Tuesday, March 16, 2010

Self Defense Products and Your Surroundings

Some self defense experts call it “yellow alert:” the state of being constantly aware of your surroundings and ready to use them for self defense. This might be a bit worrying for the average person though, so I like to think of it as “full experience.” What does that mean, and why do you need it to protect yourself after you buy pepper spray or purchase another self defense product?

Think of all the times you’ve walked around deep in thought, your mind on bills, relationships – everything but actually walking, where you are and what’s around you beyond the space you need for your next step. When you walk around “looking inward” you’re sharing something in common with many victims of muggings and other street attacks. They didn’t look around either.

Street criminals look for these signs of inattention. While you might visualize street violence as a face to face confrontation that’s the last thing an attacker wants. Leaving aside the kind of stupid fisticuffs you might get into at a bar over a point of pride (helping you with those isn’t really our focus as a company) your attacker isn’t doing what he’s doing for the sake of a fight. He doesn’t want to fight. He wants to win by using ambush tactics whenever possible.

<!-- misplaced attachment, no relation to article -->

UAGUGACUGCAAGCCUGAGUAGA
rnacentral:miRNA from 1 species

Getting paranoid about this won’t help you. Instead of looking around, you’ll picture possible dangers, and this is just another way of “looking inward” instead of being aware of your surroundings. Instead, you need to actively take in your surroundings. Use the following guidelines:

Four Senses: Don’t just look. Listen, and try to identify what you hear. Notice the ground beneath your feed through touch to avoid unpleasant slips. Even a smell can be a hint that there might be trouble – booze, stale sweat and other scents belong to people you want to avoid. (We can’t think of how taste will help – sorry!)

People: You see people all the time, but do you really notice them? Why are they in a particular spot? What are they talking about? Are they watching you? What do they look like? Don’t stare, but don’t look at your feet (a sign of submission) either. You have a better chance of noticing potential troublemakers and identifying them for police.

Light and Shadow: Stick to brightly lit spaces and notice dark spaces, particularly if people can get into them easily.

Places to Go: Don’t narrow your idea of where people can move to streets. Look at trails, short retaining walls and alleys. You should be aware of them in case you need to use them to escape and as a way to detect ambush spots.

Even though you’ll apply these steps with a self defense orientation, don’t fixate on it. Develop an eye for detail ad a genuine appreciation for your surroundings and you’ll know when to walk, when to run and when to use a stun gun or other self defense tool to effectively protect yourself.